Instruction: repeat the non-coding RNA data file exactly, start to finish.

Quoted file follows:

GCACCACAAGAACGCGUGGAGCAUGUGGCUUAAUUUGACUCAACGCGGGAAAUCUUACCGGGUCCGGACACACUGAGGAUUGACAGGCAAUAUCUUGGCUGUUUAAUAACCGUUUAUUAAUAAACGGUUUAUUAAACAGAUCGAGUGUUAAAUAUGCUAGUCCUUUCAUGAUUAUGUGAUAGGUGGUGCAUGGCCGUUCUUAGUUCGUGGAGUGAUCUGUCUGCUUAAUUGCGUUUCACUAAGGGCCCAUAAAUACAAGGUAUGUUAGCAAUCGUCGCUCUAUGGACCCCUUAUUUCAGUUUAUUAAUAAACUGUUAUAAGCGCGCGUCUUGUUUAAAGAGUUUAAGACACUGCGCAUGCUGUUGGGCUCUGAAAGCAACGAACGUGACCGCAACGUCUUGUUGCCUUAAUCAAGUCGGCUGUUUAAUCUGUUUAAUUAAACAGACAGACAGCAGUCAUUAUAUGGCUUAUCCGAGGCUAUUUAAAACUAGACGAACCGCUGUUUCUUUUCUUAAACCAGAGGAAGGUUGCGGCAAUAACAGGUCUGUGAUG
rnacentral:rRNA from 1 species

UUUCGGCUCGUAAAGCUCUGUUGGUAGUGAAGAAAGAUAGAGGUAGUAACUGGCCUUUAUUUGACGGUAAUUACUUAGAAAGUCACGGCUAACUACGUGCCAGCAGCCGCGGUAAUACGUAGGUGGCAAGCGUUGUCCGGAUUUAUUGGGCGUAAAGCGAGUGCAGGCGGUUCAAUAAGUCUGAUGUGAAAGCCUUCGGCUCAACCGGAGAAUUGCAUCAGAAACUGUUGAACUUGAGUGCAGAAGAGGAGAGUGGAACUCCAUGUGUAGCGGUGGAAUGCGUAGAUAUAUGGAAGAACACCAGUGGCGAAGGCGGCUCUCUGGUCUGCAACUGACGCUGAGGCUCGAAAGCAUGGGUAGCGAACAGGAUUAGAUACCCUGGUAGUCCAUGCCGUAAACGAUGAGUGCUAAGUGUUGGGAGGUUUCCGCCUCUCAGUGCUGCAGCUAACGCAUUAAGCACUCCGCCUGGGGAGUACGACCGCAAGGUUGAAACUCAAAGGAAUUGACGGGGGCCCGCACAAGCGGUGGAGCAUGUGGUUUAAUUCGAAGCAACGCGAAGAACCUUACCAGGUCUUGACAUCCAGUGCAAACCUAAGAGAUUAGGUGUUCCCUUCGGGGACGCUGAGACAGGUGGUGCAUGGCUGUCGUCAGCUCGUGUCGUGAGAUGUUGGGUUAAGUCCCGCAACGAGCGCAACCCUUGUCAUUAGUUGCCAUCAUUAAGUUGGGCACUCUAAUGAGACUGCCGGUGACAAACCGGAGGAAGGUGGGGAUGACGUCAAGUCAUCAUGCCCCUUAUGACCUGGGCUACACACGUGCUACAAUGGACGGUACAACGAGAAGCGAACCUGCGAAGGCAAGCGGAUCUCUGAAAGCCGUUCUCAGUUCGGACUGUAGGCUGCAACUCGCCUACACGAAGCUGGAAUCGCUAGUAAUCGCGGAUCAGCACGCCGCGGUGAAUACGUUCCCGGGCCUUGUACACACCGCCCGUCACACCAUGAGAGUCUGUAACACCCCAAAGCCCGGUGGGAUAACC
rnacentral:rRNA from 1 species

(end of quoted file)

GCACCACAAGAACGCGUGGAGCAUGUGGCUUAAUUUGACUCAACGCGGGAAAUCUUACCGGGUCCGGACACACUGAGGAUUGACAGGCAAUAUCUUGGCUGUUUAAUAACCGUUUAUUAAUAAACGGUUUAUUAAACAGAUCGAGUGUUAAAUAUGCUAGUCCUUUCAUGAUUAUGUGAUAGGUGGUGCAUGGCCGUUCUUAGUUCGUGGAGUGAUCUGUCUGCUUAAUUGCGUUUCACUAAGGGCCCAUAAAUACAAGGUAUGUUAGCAAUCGUCGCUCUAUGGACCCCUUAUUUCAGUUUAUUAAUAAACUGUUAUAAGCGCGCGUCUUGUUUAAAGAGUUUAAGACACUGCGCAUGCUGUUGGGCUCUGAAAGCAACGAACGUGACCGCAACGUCUUGUUGCCUUAAUCAAGUCGGCUGUUUAAUCUGUUUAAUUAAACAGACAGACAGCAGUCAUUAUAUGGCUUAUCCGAGGCUAUUUAAAACUAGACGAACCGCUGUUUCUUUUCUUAAACCAGAGGAAGGUUGCGGCAAUAACAGGUCUGUGAUG
rnacentral:rRNA from 1 species

UUUCGGCUCGUAAAGCUCUGUUGGUAGUGAAGAAAGAUAGAGGUAGUAACUGGCCUUUAUUUGACGGUAAUUACUUAGAAAGUCACGGCUAACUACGUGCCAGCAGCCGCGGUAAUACGUAGGUGGCAAGCGUUGUCCGGAUUUAUUGGGCGUAAAGCGAGUGCAGGCGGUUCAAUAAGUCUGAUGUGAAAGCCUUCGGCUCAACCGGAGAAUUGCAUCAGAAACUGUUGAACUUGAGUGCAGAAGAGGAGAGUGGAACUCCAUGUGUAGCGGUGGAAUGCGUAGAUAUAUGGAAGAACACCAGUGGCGAAGGCGGCUCUCUGGUCUGCAACUGACGCUGAGGCUCGAAAGCAUGGGUAGCGAACAGGAUUAGAUACCCUGGUAGUCCAUGCCGUAAACGAUGAGUGCUAAGUGUUGGGAGGUUUCCGCCUCUCAGUGCUGCAGCUAACGCAUUAAGCACUCCGCCUGGGGAGUACGACCGCAAGGUUGAAACUCAAAGGAAUUGACGGGGGCCCGCACAAGCGGUGGAGCAUGUGGUUUAAUUCGAAGCAACGCGAAGAACCUUACCAGGUCUUGACAUCCAGUGCAAACCUAAGAGAUUAGGUGUUCCCUUCGGGGACGCUGAGACAGGUGGUGCAUGGCUGUCGUCAGCUCGUGUCGUGAGAUGUUGGGUUAAGUCCCGCAACGAGCGCAACCCUUGUCAUUAGUUGCCAUCAUUAAGUUGGGCACUCUAAUGAGACUGCCGGUGACAAACCGGAGGAAGGUGGGGAUGACGUCAAGUCAUCAUGCCCCUUAUGACCUGGGCUACACACGUGCUACAAUGGACGGUACAACGAGAAGCGAACCUGCGAAGGCAAGCGGAUCUCUGAAAGCCGUUCUCAGUUCGGACUGUAGGCUGCAACUCGCCUACACGAAGCUGGAAUCGCUAGUAAUCGCGGAUCAGCACGCCGCGGUGAAUACGUUCCCGGGCCUUGUACACACCGCCCGUCACACCAUGAGAGUCUGUAACACCCCAAAGCCCGGUGGGAUAACC
rnacentral:rRNA from 1 species